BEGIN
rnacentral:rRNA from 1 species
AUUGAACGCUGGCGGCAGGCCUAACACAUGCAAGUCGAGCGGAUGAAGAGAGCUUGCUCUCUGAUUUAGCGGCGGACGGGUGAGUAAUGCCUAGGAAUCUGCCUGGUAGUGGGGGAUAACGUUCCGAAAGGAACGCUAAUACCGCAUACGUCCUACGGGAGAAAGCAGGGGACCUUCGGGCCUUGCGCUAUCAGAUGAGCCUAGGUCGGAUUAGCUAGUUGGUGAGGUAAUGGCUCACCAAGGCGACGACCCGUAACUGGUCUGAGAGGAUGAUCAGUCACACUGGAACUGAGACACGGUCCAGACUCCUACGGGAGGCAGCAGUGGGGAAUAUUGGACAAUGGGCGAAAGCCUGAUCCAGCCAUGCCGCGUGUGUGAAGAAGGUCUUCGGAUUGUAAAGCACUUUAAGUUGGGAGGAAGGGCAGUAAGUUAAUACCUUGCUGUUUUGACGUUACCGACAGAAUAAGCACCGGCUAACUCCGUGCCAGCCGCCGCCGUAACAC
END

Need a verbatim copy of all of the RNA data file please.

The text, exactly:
rnacentral:rRNA from 1 species
AUUGAACGCUGGCGGCAGGCCUAACACAUGCAAGUCGAGCGGAUGAAGAGAGCUUGCUCUCUGAUUUAGCGGCGGACGGGUGAGUAAUGCCUAGGAAUCUGCCUGGUAGUGGGGGAUAACGUUCCGAAAGGAACGCUAAUACCGCAUACGUCCUACGGGAGAAAGCAGGGGACCUUCGGGCCUUGCGCUAUCAGAUGAGCCUAGGUCGGAUUAGCUAGUUGGUGAGGUAAUGGCUCACCAAGGCGACGACCCGUAACUGGUCUGAGAGGAUGAUCAGUCACACUGGAACUGAGACACGGUCCAGACUCCUACGGGAGGCAGCAGUGGGGAAUAUUGGACAAUGGGCGAAAGCCUGAUCCAGCCAUGCCGCGUGUGUGAAGAAGGUCUUCGGAUUGUAAAGCACUUUAAGUUGGGAGGAAGGGCAGUAAGUUAAUACCUUGCUGUUUUGACGUUACCGACAGAAUAAGCACCGGCUAACUCCGUGCCAGCCGCCGCCGUAACAC